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Original Research ARTICLE

Front. Mol. Neurosci., 03 April 2018 | https://doi.org/10.3389/fnmol.2018.00098

Inhibitory Effects of Betulinic Acid on LPS-Induced Neuroinflammation Involve M2 Microglial Polarization via CaMKKβ-Dependent AMPK Activation

Chuwen Li1†, Chao Zhang1,2†, Hefeng Zhou1, Yu Feng1, Fan Tang1, Maggie P. M. Hoi1, Chengwei He1, Dan Ma3, Chao Zhao3 and Simon M. Y. Lee1*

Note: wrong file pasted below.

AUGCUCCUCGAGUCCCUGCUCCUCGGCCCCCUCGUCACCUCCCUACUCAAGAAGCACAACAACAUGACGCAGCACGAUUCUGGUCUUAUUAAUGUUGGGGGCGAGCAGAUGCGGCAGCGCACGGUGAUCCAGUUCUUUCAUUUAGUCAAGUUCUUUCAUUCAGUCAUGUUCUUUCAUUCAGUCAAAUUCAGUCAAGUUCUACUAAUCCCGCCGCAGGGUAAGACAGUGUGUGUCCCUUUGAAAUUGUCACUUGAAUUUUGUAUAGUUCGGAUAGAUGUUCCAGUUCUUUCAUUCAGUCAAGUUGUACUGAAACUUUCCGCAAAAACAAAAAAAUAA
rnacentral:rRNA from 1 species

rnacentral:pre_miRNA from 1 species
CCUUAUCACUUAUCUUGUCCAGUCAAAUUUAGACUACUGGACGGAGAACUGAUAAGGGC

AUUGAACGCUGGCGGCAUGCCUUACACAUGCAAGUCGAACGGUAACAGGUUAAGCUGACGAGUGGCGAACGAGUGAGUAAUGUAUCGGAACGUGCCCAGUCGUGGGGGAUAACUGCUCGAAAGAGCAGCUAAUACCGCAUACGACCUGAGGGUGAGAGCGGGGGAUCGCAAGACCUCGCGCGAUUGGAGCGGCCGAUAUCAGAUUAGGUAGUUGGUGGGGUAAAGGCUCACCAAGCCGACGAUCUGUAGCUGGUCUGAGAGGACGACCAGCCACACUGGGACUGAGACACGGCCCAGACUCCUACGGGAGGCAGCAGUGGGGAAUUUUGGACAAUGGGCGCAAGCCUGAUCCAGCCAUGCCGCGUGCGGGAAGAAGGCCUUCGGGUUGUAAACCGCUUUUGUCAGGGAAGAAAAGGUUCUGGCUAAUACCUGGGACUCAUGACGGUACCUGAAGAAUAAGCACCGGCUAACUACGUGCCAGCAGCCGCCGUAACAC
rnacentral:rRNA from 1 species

• 1State Key Laboratory of Quality Research in Chinese Medicine, Institute of Chinese Medical Sciences, University of Macau, Macau, China
  • 2School of Life Sciences, Beijing University of Chinese Medicine, Beijing, China
  • 3Department of Clinical Neurosciences, Wellcome Trust-MRC Cambridge Stem Cell Institute, University of Cambridge, Cambridge, United Kingdom